At a time of limited new photo opportunities, why not try out some new software for viewing, editing and displaying your images…
Most software applications are available as trial downloads and some suppliers have extended the ‘free use’ period from the usual 30 days to as long as 90 days during the coronavirus emergency.
GIMP (the GNU Image Manipulation Program) is an open source program that has been around since the mid-to-late 1990s so there’s been plenty of time to refine it. Available for the Linux, Mac OS X and Windows platforms it provides most of the same features as Adobe’s Photoshop and its user interface is highly customisable. It also supports many of the plugins offered by third-party developers.
Glimpse Image Editor is an open source image editor based on the GNU Image Manipulation Program. Available for Windows (v. 7 or newer) and modern variants of GNU/Linux, it provides a comprehensive set of tools that let users adjust, crop, remove objects, retouch and repair old photos, fix common imperfections like red eye and lens distortion and produce basic animations. The goal of the developers is to experiment with new ideas and expand the use of free software and user input is welcomed.
FastStone Image Viewer (above) is a combined image browser, converter and editor that supports all major graphic formats (including many popular raw file formats) and includes image viewing, management, comparison, red-eye removal, emailing, resizing, cropping, retouching and colour adjustments. It is only available for Windows.
Paint.NET is another Windows-only image editor that was originally developed to replace Microsoft Paint but the latest versions include editing tools like layers, levels and curves adjustments, cloning, an undo history, a gradient tool and support for third-party plugins.
PhotoScape is another open source program that is available for Windows and Mac operating systems. Editing features include resizing, brightness and colour adjustment, white balance, backlight correction, frames, balloons, mosaic mode, adding text, drawing pictures, cropping, filters, red eye removal, blooming, paint brush controls, a clone stamp and effect brushes. Batch processing is supported along with panorama stitching and users can create GIF animations from still shots.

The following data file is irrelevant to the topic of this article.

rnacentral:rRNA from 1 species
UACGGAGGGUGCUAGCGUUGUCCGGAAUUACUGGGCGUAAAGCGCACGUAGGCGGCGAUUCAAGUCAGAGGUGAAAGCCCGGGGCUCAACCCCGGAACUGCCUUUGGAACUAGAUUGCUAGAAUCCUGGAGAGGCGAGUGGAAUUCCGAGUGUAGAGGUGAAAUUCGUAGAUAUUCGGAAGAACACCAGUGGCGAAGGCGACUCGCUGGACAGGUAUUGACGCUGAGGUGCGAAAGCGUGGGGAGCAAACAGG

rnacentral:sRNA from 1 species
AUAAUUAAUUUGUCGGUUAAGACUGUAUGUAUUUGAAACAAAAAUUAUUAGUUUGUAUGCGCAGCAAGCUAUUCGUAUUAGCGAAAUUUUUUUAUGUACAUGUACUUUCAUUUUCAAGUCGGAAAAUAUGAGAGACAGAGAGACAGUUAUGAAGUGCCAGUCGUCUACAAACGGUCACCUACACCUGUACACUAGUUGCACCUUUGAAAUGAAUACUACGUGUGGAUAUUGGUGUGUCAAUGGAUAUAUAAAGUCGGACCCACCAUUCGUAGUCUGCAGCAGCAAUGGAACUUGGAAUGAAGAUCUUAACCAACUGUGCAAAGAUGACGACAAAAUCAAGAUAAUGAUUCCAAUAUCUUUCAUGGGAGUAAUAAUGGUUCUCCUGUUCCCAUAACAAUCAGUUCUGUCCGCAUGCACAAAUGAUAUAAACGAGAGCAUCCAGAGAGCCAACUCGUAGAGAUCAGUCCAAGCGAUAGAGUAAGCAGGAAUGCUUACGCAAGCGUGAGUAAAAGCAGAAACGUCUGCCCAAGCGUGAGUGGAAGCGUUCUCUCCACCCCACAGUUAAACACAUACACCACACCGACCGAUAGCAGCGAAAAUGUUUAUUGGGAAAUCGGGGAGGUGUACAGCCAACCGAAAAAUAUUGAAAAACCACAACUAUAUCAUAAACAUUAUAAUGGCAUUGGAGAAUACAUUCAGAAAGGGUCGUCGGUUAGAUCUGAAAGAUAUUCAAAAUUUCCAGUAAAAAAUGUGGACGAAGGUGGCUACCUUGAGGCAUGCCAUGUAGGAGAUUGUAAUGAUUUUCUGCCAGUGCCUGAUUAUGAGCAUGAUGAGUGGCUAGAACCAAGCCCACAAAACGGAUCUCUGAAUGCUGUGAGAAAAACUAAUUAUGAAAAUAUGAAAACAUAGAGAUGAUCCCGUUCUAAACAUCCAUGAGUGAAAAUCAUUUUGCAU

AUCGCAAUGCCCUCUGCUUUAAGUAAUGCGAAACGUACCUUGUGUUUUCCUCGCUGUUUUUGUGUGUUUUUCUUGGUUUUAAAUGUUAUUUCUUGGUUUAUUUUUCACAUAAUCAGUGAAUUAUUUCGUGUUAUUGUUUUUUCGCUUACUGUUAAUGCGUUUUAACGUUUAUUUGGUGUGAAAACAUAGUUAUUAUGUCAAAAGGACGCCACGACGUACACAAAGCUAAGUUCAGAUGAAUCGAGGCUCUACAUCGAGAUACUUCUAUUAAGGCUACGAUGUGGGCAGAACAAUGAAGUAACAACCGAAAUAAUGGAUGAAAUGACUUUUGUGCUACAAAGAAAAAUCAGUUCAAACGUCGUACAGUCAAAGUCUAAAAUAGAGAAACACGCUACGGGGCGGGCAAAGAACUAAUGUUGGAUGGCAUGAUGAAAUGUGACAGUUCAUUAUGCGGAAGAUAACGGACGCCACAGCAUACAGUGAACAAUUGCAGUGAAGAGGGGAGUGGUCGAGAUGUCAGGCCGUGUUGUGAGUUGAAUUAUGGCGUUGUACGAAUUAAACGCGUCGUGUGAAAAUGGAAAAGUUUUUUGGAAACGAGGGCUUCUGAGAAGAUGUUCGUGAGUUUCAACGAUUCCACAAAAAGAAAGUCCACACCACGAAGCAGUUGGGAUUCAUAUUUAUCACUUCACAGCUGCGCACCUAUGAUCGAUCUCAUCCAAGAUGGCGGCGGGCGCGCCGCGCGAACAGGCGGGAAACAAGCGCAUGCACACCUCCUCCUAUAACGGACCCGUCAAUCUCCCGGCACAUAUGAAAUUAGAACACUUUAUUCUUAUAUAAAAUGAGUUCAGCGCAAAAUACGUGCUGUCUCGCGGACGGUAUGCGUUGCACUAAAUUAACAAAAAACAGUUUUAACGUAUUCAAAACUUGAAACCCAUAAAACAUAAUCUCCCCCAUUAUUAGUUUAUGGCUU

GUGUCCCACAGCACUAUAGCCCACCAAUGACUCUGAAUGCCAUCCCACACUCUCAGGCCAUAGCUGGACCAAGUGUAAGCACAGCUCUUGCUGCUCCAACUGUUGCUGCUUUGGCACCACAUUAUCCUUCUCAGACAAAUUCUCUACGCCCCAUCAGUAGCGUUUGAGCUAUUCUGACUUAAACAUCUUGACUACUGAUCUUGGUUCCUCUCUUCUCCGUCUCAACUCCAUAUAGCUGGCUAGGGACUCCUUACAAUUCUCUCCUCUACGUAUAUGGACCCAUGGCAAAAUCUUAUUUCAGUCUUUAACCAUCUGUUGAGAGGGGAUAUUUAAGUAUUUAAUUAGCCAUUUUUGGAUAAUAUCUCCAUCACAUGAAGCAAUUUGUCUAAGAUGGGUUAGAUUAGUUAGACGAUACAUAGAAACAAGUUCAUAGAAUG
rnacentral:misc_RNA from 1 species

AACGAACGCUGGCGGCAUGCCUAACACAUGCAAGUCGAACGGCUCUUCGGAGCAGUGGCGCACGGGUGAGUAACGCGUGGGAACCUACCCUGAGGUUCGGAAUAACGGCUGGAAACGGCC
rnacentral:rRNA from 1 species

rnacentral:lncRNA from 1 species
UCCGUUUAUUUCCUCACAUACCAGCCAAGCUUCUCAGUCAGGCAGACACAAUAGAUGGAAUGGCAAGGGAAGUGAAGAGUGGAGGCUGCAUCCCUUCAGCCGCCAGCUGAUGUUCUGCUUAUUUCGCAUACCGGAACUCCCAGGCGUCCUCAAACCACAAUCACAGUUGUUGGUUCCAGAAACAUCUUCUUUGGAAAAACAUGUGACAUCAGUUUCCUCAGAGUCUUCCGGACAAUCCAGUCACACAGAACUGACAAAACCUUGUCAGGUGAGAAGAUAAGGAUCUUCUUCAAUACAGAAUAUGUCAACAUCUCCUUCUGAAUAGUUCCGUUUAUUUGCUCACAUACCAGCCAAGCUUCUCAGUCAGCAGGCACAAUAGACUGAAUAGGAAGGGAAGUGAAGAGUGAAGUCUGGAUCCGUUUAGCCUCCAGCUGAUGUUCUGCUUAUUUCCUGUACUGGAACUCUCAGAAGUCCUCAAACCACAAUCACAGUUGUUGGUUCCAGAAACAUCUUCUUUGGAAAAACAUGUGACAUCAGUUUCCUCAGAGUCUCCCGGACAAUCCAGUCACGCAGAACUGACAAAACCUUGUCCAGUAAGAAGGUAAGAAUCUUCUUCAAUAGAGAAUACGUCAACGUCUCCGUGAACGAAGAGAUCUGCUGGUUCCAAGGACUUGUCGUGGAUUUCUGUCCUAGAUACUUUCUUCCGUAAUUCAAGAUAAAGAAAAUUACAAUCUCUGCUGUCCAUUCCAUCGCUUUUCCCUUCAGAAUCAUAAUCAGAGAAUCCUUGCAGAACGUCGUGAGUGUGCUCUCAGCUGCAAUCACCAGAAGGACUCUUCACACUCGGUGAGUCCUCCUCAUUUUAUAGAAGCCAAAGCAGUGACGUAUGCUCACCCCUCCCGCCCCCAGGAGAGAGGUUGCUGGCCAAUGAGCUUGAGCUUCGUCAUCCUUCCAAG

IrfanView is a graphic viewer that has been around for most of the 21st century and is available in many languages as well as coming in 32- and 64-bit versions. It was the first Windows graphic viewer worldwide with Multiple (animated) GIF support and supports embedded colour profiles in JPG/TIFF files as well as Adobe Photoshop Filters. Batch processing makes it valuable for resizing and renaming files as well as applying watermarks.
Adobe is making its Creative Cloud suite of applications available free of charge for two months for current account holders. Follow the procedure outlined by Petapixel to access this promotion. Adobe is also providing free access to Creative Cloud for students and educators through to 31 May, 2020.
Serif has extended the free trial period for its Affinity suite – which includes Affinity Designer, Affinity Photo and Affinity Publisher – from 30 days to 90 days. It is also offering a 50% discount for users who would prefer to buy and keep the applications, both desktop and mobile, until at least 20 April.
ACDSee offers free 30-day trials of its Digital Asset Management and photo and video editing applications along with online tutorials and webinars.
Blackmagic Design’s DaVinci Resolve 16, an inline video editor similar to Adobe Premiere Pro, is free to download for Linux, macOS and Windows computers. (The more comprehensive, multi-user DaVinci Resolve Studio 16 sells for US$299 in total – which means no monthly cloud licensing.)
You can also see a useful list of six “Top Free Video Editing Software” on the Videoproc website.
Also see Photo Review’s Software reviews.
For more photo software tips see Photo Review’s Photo Editing pocket guide.
And see regular photo software and editing advice in Photo Review quarterly magazine.